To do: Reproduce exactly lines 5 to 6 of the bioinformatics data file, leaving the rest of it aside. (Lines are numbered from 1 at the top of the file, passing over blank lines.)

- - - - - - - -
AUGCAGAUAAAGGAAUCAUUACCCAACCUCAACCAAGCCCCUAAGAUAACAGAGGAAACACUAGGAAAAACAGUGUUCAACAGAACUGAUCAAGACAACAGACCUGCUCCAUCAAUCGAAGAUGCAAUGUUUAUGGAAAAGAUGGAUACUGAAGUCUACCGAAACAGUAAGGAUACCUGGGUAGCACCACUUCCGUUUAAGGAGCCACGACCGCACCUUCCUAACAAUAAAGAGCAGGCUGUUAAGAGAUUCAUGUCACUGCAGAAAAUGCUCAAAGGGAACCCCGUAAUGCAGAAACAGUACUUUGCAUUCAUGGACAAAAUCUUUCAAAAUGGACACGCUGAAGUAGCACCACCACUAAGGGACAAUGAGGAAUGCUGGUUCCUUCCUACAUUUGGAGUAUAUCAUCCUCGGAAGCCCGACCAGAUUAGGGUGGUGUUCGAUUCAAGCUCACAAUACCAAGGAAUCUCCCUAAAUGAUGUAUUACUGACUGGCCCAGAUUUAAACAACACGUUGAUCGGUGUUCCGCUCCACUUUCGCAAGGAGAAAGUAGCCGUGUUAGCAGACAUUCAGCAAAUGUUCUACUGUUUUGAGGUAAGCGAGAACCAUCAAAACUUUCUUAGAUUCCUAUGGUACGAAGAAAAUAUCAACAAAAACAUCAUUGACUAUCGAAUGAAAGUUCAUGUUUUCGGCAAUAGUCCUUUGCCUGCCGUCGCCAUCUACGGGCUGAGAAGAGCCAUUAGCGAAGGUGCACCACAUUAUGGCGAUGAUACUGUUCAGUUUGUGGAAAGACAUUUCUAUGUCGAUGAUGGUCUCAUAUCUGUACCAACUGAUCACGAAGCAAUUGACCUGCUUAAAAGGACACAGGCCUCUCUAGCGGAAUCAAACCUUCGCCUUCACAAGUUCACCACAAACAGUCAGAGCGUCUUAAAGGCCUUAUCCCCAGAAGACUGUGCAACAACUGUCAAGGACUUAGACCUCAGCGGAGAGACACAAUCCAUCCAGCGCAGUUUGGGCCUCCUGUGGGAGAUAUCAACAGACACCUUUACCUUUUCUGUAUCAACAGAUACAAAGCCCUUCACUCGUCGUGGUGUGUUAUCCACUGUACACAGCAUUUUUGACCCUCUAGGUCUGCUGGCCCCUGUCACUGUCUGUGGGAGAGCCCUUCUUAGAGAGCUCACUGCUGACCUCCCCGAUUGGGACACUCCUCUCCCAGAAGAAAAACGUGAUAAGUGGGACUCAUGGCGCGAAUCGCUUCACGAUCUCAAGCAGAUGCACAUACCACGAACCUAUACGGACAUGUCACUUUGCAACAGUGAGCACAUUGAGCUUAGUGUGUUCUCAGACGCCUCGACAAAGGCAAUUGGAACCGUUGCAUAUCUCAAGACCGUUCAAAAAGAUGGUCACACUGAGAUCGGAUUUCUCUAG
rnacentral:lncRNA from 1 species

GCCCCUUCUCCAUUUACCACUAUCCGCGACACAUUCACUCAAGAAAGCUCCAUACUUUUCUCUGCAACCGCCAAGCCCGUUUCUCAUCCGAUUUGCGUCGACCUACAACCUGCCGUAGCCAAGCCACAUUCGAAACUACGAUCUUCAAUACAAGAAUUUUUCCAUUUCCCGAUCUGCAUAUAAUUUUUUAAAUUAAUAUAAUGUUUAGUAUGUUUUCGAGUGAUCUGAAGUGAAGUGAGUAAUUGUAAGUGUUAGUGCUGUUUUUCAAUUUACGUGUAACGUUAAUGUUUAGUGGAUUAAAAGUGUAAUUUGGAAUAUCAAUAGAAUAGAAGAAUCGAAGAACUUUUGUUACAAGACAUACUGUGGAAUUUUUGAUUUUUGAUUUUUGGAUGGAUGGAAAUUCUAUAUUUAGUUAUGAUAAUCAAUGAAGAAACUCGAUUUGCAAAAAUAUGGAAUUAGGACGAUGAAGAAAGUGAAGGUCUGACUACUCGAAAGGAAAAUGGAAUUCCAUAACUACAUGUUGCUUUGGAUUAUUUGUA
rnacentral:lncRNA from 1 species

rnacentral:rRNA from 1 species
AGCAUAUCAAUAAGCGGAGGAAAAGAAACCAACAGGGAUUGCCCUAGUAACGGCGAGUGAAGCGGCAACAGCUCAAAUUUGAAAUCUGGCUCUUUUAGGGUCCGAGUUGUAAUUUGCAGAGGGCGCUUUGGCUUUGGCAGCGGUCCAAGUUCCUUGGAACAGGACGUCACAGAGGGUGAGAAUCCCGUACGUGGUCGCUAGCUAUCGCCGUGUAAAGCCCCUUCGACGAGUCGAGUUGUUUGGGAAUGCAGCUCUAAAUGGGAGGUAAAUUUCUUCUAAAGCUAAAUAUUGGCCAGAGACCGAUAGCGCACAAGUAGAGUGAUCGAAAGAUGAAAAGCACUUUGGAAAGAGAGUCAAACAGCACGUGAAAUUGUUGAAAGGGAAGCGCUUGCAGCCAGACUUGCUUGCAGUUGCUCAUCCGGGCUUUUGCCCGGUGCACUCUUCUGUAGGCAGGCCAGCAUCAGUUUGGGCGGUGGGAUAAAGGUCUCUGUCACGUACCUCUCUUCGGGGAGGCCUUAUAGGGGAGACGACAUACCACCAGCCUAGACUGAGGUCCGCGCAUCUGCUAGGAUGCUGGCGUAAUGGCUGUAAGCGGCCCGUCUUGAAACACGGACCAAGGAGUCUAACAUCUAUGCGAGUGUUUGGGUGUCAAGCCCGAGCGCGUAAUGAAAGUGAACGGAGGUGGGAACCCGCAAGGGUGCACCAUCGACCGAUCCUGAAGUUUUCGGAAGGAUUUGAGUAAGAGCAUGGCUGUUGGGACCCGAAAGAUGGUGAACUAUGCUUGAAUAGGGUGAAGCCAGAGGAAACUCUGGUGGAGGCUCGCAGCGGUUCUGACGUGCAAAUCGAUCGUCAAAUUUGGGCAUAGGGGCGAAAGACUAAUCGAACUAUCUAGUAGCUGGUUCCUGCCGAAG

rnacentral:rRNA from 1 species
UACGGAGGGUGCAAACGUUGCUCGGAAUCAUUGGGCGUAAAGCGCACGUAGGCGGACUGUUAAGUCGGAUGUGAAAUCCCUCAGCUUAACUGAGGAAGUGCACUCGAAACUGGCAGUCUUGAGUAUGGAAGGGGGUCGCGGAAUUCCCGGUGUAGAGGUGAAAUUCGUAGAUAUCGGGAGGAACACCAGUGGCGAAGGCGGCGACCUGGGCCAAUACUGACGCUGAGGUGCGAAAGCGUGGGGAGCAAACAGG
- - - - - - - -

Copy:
rnacentral:rRNA from 1 species
AGCAUAUCAAUAAGCGGAGGAAAAGAAACCAACAGGGAUUGCCCUAGUAACGGCGAGUGAAGCGGCAACAGCUCAAAUUUGAAAUCUGGCUCUUUUAGGGUCCGAGUUGUAAUUUGCAGAGGGCGCUUUGGCUUUGGCAGCGGUCCAAGUUCCUUGGAACAGGACGUCACAGAGGGUGAGAAUCCCGUACGUGGUCGCUAGCUAUCGCCGUGUAAAGCCCCUUCGACGAGUCGAGUUGUUUGGGAAUGCAGCUCUAAAUGGGAGGUAAAUUUCUUCUAAAGCUAAAUAUUGGCCAGAGACCGAUAGCGCACAAGUAGAGUGAUCGAAAGAUGAAAAGCACUUUGGAAAGAGAGUCAAACAGCACGUGAAAUUGUUGAAAGGGAAGCGCUUGCAGCCAGACUUGCUUGCAGUUGCUCAUCCGGGCUUUUGCCCGGUGCACUCUUCUGUAGGCAGGCCAGCAUCAGUUUGGGCGGUGGGAUAAAGGUCUCUGUCACGUACCUCUCUUCGGGGAGGCCUUAUAGGGGAGACGACAUACCACCAGCCUAGACUGAGGUCCGCGCAUCUGCUAGGAUGCUGGCGUAAUGGCUGUAAGCGGCCCGUCUUGAAACACGGACCAAGGAGUCUAACAUCUAUGCGAGUGUUUGGGUGUCAAGCCCGAGCGCGUAAUGAAAGUGAACGGAGGUGGGAACCCGCAAGGGUGCACCAUCGACCGAUCCUGAAGUUUUCGGAAGGAUUUGAGUAAGAGCAUGGCUGUUGGGACCCGAAAGAUGGUGAACUAUGCUUGAAUAGGGUGAAGCCAGAGGAAACUCUGGUGGAGGCUCGCAGCGGUUCUGACGUGCAAAUCGAUCGUCAAAUUUGGGCAUAGGGGCGAAAGACUAAUCGAACUAUCUAGUAGCUGGUUCCUGCCGAAG